Philadelphia, PA - The Pew Charitable Trusts and the University of California at San Francisco (UCSF) announced today that 15 gifted researchers have been selected as 2005 Pew Scholars in the Biomedical Sciences. As a Pew Scholar, each scientist receives a $240,000 award to help support his or her research over a four year period and joins a unique community of scientists that facilitates collaboration and exchange of ideas. The program is funded by the Trusts through a grant to UCSF. “This year opens the third decade of our support of the Pew Scholars in the Biomedical Sciences program and we enter it committed to supporting the crucial role science plays in society,” said Rebecca W. Rimel, President and Chief Executive Officer of The Pew Charitable Trusts. “We are humbled by the accomplishments of the scholars over the past 20 years and the potential their work holds for humankind. Their scientific discoveries have led to advances in the understanding, diagnosis and treatment of diseases and disability and we are pleased that many scholars have also gone on to serve as impassioned advocates for quality science.”
The Pew Scholars in the Biomedical Sciences program was launched in 1985 to provide crucial early support to investigators in the early- to mid-stages of their careers who show outstanding promise in the basic and clinical sciences. While many grants available to scientists have strict guidelines governing how and on what funds must be spent, this award has become coveted for its intended flexibility, as it is designed precisely to enable scientists to take calculated risks, expand their research and follow unanticipated leads. Since 1985, the Trusts has invested more than $100 million to fund nearly 400 scholars.
“Science involves risk-taking and entrepreneurship,” said Rimel, “and we hope that by following their intuition and going where their research leads them, Pew Scholars will be able to make important breakthroughs that will benefit the health of humankind.”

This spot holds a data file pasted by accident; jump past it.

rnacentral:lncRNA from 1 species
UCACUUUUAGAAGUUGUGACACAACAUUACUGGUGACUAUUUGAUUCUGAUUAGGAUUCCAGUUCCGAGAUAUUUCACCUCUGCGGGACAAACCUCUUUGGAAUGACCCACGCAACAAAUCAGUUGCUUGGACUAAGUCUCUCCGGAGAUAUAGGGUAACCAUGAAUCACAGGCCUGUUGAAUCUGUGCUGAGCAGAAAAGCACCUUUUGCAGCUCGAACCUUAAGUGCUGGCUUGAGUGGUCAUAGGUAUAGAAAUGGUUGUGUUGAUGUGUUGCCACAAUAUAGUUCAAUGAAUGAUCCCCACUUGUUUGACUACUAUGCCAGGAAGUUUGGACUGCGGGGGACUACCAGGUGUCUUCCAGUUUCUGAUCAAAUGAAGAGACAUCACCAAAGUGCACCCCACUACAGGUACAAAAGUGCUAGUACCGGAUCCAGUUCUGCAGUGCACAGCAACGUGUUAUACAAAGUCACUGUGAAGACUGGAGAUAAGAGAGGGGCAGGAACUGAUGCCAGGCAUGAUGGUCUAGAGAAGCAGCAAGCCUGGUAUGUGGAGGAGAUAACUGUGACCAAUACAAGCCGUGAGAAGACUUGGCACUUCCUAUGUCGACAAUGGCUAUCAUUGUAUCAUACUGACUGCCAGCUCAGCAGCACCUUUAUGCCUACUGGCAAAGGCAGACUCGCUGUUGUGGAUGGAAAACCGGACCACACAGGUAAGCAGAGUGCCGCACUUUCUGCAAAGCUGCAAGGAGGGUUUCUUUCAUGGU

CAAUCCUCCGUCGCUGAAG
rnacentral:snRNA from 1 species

The Pew Scholars selection process is rigorously competitive, as all applicants are highly talented researchers in their fields. Applicants must be nominated by an invited institution (currently there are 136) and must demonstrate excellence and innovation in their research. The scholars are selected by a distinguished national advisory committee, chaired by Dr. Torsten N. Wiesel, president emeritus of Rockefeller University, and a 1981 Nobel laureate. The committee will welcome its newest member, Dr. Roderick MacKinnon, Pew Scholar alumni and 2003 Nobel laureate in chemistry, this fall.
The 2005 Pew Scholars in the Biomedical Sciences are:
Scholar and Institution
Goncalo R. Abecasis, Ph.D. University of Michigan
Stephen A. Baccus, J.D., Ph.D. Stanford University
Craig H. Bassing, Ph.D. The Children's Hospital of Philadelphia
Laura M. Calvi, M.D. University of Rochester
Shane P. Crotty, Ph.D. La Jolla Institute for Allergy and Immunology
Jenny E. Gumperz, Ph.D. University of Wisconsin
Martin W. Hetzer, Ph.D. The Salk Institute
Karin M. Hoffmeister, Ph.D. Brigham and Women's Hospital
Deborah A. Hogan, Ph.D. Dartmouth Medical School
Soo-Kyung Lee, Ph.D. Baylor College of Medicine
Katsuhiko Murakami, Ph.D. Pennsylvania State University
Franck Polleux, Ph.D. University of North Carolina, Chapel Hill
Thaddeus S. Stappenbeck, M.D., Ph.D. Washington University in St. Louis
Lambertus Van den Berg, Ph.D. University of Massachusetts
Rachel I. Wilson, Ph.D. Harvard University
The Pew Charitable Trusts serves the public interest by providing information, advancing policy solutions and supporting civic life. Based in Philadelphia, with an office in Washington, D.C., the Trusts will invest $204 million in fiscal year 2006 to provide organizations and citizens with fact-based research and practical solutions for challenging issues.
The Pew Scholars in the Biomedical Sciences program is part of a portfolio of projects funded by the Trusts that focuses on science and technology. Other programs include the Science and Society Institute, which trains biomedical scientists so they can effectively contribute to science policy discussions and solutions, and three science policy initiatives that address the benefits and challenges raised by emerging technologies – the Pew Initiative on Food and Biotechnology, the Genetics and Public Policy Center, and the Project on Emerging Nanotechnologies.